Soundtrack For A Revolution 

Documentary examines the songs that spurred a movement

If you are like many young Americans, you know three things about Martin Luther King Jr. First, he gave a speech about his big dream, a dream shared by millions of marginalized U.S. citizens. Second, he was martyred for that dream. Third, his birthday is celebrated with an extra day off of school. If you don't know much else about this man and his pivotal role in the cessation of racial segregation, the 2009 documentary Soundtrack For A Revolution is intended to help you fill in the gaps.

Documentarians Bill Guttentag and Dan Sturman (Nanking) examine the African-American civil-rights campaign of the '60s from the angle of the movement's musical inspirations: the gospel tunes and marching anthems that helped sustain the crusade's momentum and resolve. Playing over still-shocking footage of brutal beatdowns during lunch counter sit-ins and peaceful protests are updated covers of these tunes, sung by the likes of Angie Stone, Wyclef Jean and TV On The Radio. While the appeal of these artists might draw a younger audience to the film--Guttentag's stated intent--the heartfelt selections covered by artists who lived through those turbulent times, such as Richie Havens and the Blind Boys of Alabama, find a deeper resonance.

While Soundtrack For A Revolution is an impassioned, well-intentioned film, it misses the mark as an incisive look into the musicology of the movement. Interviews with participating reverends, politicians and involved citizens--including Coretta Scott King and Congressman John Lewis--frequently consist of sung snatches of remembered melodies followed by a glossy in-studio rendition, but Guttentag and Sturman skip over any examination of the music's origins. The dual layer of lyrical meaning--given the history of American slavery that birthed this oppression--is a discovery made at the viewer's own discretion. Like the 2008 anti-slavery "rockumentary" Call + Response, any important educational gleanings are gathered in spite of the film's focus on music, not from it. But an education is still imparted. It's impossible not to sympathize as Lynda Lowery, 15 years old when she marched on Montgomery, describes her scars from a series of blows to her head, or when we see activist Medgar Evers' stoic resolve shortly before his assassination in 1963. With a scant running time of 82 minutes, it's impossible to catch all the names and dates that fly by, but the disturbing picture of this dark time comes out clearly.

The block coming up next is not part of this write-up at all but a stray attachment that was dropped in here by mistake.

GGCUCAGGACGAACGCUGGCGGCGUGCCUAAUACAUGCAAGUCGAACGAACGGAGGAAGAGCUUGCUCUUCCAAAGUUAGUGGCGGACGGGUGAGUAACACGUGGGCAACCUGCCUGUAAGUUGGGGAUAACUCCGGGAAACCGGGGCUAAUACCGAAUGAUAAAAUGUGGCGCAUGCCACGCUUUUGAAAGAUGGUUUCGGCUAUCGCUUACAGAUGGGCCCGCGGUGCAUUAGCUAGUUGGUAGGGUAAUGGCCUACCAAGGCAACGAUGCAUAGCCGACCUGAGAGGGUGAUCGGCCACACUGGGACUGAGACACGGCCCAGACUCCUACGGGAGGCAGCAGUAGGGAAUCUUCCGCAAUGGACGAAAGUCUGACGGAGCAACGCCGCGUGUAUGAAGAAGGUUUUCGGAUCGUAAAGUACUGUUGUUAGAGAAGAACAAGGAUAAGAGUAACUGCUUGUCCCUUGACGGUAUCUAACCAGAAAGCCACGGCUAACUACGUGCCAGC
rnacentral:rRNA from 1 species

For the most part, Guttentag and Sturman stay on topic throughout the documentary. Only an out-of-the-blue tail-end allusion to Obama's presidency--a single inaugural still, which is onscreen for a few seconds--and a reiterated injunction to keep fighting gives a small feeling of soapboxing. But as a reminder--and in some cases an introduction--to the horrendous history of segregation and the tangential examination of Dr. King's revolutionary role, Soundtrack For A Revolution rings true.

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